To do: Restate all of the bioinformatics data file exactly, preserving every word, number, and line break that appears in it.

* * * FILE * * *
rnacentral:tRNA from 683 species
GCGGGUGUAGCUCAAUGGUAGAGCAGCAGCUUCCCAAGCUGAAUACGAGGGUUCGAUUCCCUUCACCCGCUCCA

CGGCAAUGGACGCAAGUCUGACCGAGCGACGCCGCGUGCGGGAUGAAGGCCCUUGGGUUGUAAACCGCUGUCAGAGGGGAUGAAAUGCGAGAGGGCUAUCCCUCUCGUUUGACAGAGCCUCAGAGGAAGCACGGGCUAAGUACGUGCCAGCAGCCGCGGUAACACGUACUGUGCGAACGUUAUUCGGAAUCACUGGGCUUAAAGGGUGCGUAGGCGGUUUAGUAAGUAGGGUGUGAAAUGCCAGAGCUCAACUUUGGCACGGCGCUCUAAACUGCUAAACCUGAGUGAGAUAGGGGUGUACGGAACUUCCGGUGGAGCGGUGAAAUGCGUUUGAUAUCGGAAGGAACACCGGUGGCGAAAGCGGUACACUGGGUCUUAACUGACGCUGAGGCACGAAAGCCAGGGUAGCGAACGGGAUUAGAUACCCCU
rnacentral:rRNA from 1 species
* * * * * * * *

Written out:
rnacentral:tRNA from 683 species
GCGGGUGUAGCUCAAUGGUAGAGCAGCAGCUUCCCAAGCUGAAUACGAGGGUUCGAUUCCCUUCACCCGCUCCA

CGGCAAUGGACGCAAGUCUGACCGAGCGACGCCGCGUGCGGGAUGAAGGCCCUUGGGUUGUAAACCGCUGUCAGAGGGGAUGAAAUGCGAGAGGGCUAUCCCUCUCGUUUGACAGAGCCUCAGAGGAAGCACGGGCUAAGUACGUGCCAGCAGCCGCGGUAACACGUACUGUGCGAACGUUAUUCGGAAUCACUGGGCUUAAAGGGUGCGUAGGCGGUUUAGUAAGUAGGGUGUGAAAUGCCAGAGCUCAACUUUGGCACGGCGCUCUAAACUGCUAAACCUGAGUGAGAUAGGGGUGUACGGAACUUCCGGUGGAGCGGUGAAAUGCGUUUGAUAUCGGAAGGAACACCGGUGGCGAAAGCGGUACACUGGGUCUUAACUGACGCUGAGGCACGAAAGCCAGGGUAGCGAACGGGAUUAGAUACCCCU
rnacentral:rRNA from 1 species